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Market Commentary by Scott J. Brown, Ph.D., Chief Economist
The economic data calendar was thin. Weekly claims for unemployment insurance benefits fell, but the numbers are normally choppy during this time of year (still, the underlying trend may be edging down due to better seasonal hiring this year). The September trade deficit was a bit narrower than assumed in the advance GDP report. Imports and exports fell sharply during the recession (narrowing the trade deficit considerably) and partly rebounded in the recovery (leading to a resumed widening of the deficit). However, recent figures suggest a flattening in these trends (and perhaps some stabilization in the size of the trade deficit, at least in the near term).
There was much interest ahead of the G-20 meeting (as with any such meeting), but these things always disappoint. The G-20 communiqué suggested no progress on reducing global imbalances or relieving monetary and fiscal policy tensions. The euro weakened on renewed sovereign debt worries (this time focusing mostly on Ireland, where austerity moves have done nothing to instill confidence).
Next week, the economic calendar picks up with a vengeance. The focus should be on the reports of retail sales, industrial production, and residential construction, which are all expected to be moderate. The inflation reports will reflect some boost from higher gasoline prices (amplified by the seasonal adjustment, which is expecting price declines), but core inflation should remain low. While the markets could react to any surprises in the data – and with so many reports, there’s a good chance of something unexpected – the figures aren’t likely to significantly alter the overall economic picture (that is, moderate growth, but not especially strong).
Consumer Money Rates
Treasury Yield Curve – 11/12/2010
S&P Sector Performance (YTD) – 11/12/2010
Past performance is not a guarantee of future results. There are special risks involved with global investing related to market and currency fluctuations, economic and political instability, and different financial accounting standards. The above material has been obtained from sources considered reliable, but we do not guarantee that it is accurate or complete. There is no assurance that any trends mentioned will continue in the future. While interest on municipal bonds is generally exempt from federal income tax, it may be subject to the federal alternative minimum tax, state or local taxes. In addition, certain municipal bonds (such as Build America Bonds) are issued without a federal tax exemption, which subjects the related interest income to federal income tax. Investing involves risk and investors may incur a profit or a loss.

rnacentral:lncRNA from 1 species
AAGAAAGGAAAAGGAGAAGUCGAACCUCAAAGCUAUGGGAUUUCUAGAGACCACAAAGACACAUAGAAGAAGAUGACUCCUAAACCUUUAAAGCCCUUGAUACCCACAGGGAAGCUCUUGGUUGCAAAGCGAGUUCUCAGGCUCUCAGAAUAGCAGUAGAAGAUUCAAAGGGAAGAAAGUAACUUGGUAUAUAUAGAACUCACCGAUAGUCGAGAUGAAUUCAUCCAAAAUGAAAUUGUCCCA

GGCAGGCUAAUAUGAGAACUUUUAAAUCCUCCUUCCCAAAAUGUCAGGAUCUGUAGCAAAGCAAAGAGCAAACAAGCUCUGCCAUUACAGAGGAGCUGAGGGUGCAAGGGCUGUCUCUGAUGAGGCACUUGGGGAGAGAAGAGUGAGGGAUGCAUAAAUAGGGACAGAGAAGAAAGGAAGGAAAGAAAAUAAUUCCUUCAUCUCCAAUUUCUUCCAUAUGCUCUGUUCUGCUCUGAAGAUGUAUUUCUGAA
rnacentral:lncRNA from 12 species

US government bonds and treasury bills are guaranteed by the US government and, if held to maturity, offer a fixed rate of return and guaranteed principal value. US government bonds are issued and guaranteed as to the timely payment of principal and interest by the federal government. Treasury bills are certificates reflecting short-term (less than one year) obligations of the US government.
Commodities trading is generally considered speculative because of the significant potential for investment loss. Markets for commodities are likely to be volatile and there may be sharp price fluctuations even during periods when prices overall are rising. Specific sector investing can be subject to different and greater risks than more diversified investments.
Tax Equiv Muni yields (TEY) assume a 35% tax rate on triple-A rated, tax-exempt insured revenue bonds.
The information contained herein has been obtained from sources considered reliable, but we do not guarantee that the foregoing material is accurate or complete. Data source: Bloomberg, as of close of business Noverber 11th, 2010.
Frazier Allen, WMS, CRPS, Financial Advisor with F&M Bank
Web Site: http://www.raymondjames.com/frazierallen
TopicsCapacity Utilization, Consumer Price Index, Economic Data, European Debt, Federal Open Market Committee, Financial Markets, Frazier Allen, Global Equity Markets, Gross Domestic Product, Index of Leading Economic Indicators, Manufacturing Output, Raymond James, Raymond James Investment Services, Scott J. Brown, Seasonal Adjustment, Short-Term Interest Rates, Thanksgiving, Volatility, Weekly Market Snapshot
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